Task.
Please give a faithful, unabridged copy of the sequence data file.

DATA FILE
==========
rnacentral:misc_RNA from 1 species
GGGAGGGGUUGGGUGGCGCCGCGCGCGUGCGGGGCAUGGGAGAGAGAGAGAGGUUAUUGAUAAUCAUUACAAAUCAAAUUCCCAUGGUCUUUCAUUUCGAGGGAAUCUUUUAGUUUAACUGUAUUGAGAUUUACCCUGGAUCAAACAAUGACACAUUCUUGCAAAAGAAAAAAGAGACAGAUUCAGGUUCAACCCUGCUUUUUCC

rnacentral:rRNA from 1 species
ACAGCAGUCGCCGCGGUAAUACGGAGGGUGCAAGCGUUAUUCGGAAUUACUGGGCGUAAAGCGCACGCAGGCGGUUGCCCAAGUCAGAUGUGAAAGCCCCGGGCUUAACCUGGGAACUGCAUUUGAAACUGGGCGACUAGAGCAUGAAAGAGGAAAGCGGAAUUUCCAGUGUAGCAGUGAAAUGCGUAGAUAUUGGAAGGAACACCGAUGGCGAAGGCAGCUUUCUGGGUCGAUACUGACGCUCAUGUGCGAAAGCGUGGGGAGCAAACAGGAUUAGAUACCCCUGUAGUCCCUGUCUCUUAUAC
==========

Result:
rnacentral:misc_RNA from 1 species
GGGAGGGGUUGGGUGGCGCCGCGCGCGUGCGGGGCAUGGGAGAGAGAGAGAGGUUAUUGAUAAUCAUUACAAAUCAAAUUCCCAUGGUCUUUCAUUUCGAGGGAAUCUUUUAGUUUAACUGUAUUGAGAUUUACCCUGGAUCAAACAAUGACACAUUCUUGCAAAAGAAAAAAGAGACAGAUUCAGGUUCAACCCUGCUUUUUCC

rnacentral:rRNA from 1 species
ACAGCAGUCGCCGCGGUAAUACGGAGGGUGCAAGCGUUAUUCGGAAUUACUGGGCGUAAAGCGCACGCAGGCGGUUGCCCAAGUCAGAUGUGAAAGCCCCGGGCUUAACCUGGGAACUGCAUUUGAAACUGGGCGACUAGAGCAUGAAAGAGGAAAGCGGAAUUUCCAGUGUAGCAGUGAAAUGCGUAGAUAUUGGAAGGAACACCGAUGGCGAAGGCAGCUUUCUGGGUCGAUACUGACGCUCAUGUGCGAAAGCGUGGGGAGCAAACAGGAUUAGAUACCCCUGUAGUCCCUGUCUCUUAUAC